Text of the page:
The crossing of the stream may be said, upon the one side, to mark the end of the battle and pursuit of the Marne, while, on the other, it commenced that interminable Battle of the Aisne which was destined to

fu.. Bloch's prophecies and to set the type of ..ill great modern engagements. The p..nged struggles of the Manchurian War .... prepared men's minds for such a development, but only here did it first assume its fu.. proportions and warn us that the battle of ... future was to be the siege of the past. Men remembered with a smile Bernhardi's confident assertion that a German battle would be decided in one day, and that his countrymen would never be constrained to fight in defensive trenches.

The moral effect of the Battle of the Marne was greater than its material gains. The latter, so far as the British were concerned, did not exceed five thousand prisoners, twenty guns, and a quantity of transport. The total losses, however, were very heavy. The Germans had perfected a method of burning their dead with the aid of petrol. These numerous holocausts over the countryside were found afterwards by the peasants to have left mounds of charred animal matter which were scattered by their industrious hands on the fields which they might help to fertilize. The heat of cremation had dissolved the bones, but the teeth in most cases remained intact, so that over an area of France it was no uncommon thing to see them gleaming in the clods on either side of the new-cut furrow. Had the ring of high-born German criminals who planned the war seen in some apocalyptic vision the detailed results of their own villainy, it is hard to doubt that even their hearts and consciences would have shrunk from the deed.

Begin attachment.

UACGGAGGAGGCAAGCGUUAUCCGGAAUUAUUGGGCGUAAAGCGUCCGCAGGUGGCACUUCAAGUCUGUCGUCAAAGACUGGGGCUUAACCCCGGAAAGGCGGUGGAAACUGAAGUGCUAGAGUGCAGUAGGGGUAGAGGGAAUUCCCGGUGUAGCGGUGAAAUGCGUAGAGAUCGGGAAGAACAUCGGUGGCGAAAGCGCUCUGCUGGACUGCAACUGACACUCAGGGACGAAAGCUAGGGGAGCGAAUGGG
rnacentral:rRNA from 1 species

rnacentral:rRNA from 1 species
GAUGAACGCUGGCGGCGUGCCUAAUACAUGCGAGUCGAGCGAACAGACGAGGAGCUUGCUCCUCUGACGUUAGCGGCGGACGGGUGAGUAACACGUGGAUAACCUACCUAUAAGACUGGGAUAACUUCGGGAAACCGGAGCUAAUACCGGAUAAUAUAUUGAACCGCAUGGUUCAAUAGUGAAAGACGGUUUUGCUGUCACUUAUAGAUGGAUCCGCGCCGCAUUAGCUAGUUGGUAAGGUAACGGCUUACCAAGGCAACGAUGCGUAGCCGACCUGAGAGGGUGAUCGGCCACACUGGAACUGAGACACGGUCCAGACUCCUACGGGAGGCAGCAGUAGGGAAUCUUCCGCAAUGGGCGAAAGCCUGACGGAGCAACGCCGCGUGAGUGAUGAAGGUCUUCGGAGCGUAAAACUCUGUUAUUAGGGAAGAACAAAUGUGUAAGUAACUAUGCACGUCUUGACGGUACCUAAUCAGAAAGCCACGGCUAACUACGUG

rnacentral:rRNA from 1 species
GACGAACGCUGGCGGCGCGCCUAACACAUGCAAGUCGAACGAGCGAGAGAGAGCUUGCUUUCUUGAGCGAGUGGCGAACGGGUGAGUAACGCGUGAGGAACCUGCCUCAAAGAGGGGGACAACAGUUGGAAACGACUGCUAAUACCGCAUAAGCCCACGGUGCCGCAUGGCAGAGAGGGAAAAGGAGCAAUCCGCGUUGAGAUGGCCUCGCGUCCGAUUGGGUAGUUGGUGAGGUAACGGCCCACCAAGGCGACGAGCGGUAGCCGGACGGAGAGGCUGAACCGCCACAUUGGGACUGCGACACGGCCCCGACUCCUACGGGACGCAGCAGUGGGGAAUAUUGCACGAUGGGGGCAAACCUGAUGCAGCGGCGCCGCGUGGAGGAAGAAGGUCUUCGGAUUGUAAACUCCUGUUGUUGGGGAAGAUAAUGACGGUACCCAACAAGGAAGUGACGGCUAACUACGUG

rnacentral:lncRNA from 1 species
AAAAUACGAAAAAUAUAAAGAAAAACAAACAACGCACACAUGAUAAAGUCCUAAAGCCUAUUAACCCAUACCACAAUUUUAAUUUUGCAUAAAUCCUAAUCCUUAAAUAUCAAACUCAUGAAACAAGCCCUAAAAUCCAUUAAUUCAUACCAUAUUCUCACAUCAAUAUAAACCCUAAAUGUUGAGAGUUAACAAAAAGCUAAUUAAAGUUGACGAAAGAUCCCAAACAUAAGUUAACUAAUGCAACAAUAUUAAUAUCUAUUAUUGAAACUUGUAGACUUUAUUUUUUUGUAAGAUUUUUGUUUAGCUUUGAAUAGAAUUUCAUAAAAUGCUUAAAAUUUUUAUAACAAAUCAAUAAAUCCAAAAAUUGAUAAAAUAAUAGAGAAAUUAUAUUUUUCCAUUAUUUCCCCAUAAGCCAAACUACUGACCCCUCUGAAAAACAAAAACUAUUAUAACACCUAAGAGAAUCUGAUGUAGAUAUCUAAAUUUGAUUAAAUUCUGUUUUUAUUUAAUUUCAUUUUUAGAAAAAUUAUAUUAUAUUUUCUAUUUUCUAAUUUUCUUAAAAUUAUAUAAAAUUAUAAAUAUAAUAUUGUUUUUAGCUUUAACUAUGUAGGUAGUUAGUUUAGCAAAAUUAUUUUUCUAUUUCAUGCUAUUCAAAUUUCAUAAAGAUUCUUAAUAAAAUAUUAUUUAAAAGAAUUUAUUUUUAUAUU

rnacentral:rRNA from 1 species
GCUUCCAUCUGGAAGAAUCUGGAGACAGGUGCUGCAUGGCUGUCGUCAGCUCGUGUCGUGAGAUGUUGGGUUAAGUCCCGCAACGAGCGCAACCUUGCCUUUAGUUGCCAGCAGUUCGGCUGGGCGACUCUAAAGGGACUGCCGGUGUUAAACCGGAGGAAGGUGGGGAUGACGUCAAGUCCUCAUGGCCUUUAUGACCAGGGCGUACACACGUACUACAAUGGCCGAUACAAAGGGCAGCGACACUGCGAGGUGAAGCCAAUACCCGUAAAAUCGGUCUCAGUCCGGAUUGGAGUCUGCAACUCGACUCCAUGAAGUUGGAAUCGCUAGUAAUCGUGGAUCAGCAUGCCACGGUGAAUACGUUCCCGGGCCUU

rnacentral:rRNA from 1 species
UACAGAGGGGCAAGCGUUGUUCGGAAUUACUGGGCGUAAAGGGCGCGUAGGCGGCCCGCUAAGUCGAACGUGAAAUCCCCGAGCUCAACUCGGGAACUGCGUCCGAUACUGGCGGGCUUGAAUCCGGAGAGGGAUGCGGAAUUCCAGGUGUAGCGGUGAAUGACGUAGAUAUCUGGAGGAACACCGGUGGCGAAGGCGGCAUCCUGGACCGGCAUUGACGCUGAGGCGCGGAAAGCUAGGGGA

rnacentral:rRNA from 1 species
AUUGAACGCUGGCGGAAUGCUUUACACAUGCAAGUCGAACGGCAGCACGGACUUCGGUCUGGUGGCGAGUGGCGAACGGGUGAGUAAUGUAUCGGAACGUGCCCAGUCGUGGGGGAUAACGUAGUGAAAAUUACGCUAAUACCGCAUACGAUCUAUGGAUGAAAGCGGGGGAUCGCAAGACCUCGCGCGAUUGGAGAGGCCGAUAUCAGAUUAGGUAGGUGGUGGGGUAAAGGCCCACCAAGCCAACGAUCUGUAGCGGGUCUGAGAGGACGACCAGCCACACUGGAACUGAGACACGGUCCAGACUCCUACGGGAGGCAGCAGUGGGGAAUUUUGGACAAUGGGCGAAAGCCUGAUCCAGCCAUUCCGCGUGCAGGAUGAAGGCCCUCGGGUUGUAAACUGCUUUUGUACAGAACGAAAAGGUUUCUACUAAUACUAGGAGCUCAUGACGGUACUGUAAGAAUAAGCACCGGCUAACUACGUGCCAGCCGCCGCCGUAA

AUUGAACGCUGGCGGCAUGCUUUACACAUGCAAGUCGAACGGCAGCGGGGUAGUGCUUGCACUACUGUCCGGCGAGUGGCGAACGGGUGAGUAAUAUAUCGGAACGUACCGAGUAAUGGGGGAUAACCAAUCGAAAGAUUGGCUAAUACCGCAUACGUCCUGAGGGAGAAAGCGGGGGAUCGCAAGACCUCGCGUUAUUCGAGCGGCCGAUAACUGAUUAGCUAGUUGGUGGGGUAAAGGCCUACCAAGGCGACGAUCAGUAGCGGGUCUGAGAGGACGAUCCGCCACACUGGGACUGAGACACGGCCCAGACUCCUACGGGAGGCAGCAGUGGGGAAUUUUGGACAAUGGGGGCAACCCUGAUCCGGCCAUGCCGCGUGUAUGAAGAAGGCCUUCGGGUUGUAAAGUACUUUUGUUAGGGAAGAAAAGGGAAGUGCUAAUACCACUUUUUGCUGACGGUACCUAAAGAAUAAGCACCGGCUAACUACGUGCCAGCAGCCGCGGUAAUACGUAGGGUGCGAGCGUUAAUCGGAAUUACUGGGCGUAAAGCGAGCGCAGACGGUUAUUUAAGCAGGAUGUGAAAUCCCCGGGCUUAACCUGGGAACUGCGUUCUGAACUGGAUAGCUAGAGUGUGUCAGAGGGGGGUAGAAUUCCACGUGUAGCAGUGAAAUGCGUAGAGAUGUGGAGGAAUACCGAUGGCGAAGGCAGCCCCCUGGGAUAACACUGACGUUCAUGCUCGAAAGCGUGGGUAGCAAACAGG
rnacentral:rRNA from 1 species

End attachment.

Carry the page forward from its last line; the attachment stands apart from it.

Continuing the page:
Apart from the losses the mere fact that a great German army had been hustled across thirty miles of country, had been driven from river to river, and had finally to take refuge in trenches in order to hold their ground, was a great encouragement to the Allies. From that time they felt assured that with anything like equal numbers they had an ascendancy over their opponents. Save in the matter of heavy guns and machine-guns, there was not a single arm in which they did not feel that they were the equals or the superiors. Nor could they forget that this foe, whom they were driving in the open and holding in the trenches, was one who had rushed into the war with men and material all carefully prepared for this day of battle, while their own strength lay in the future. If the present was bright, it would surely be incomparably brighter when the reserves of France and the vast resources of the British Empire were finally brought into line. There had never from the beginning been a doubt of final victory, but from this time on it became less an opinion and more a demonstrable and mathematical certainty.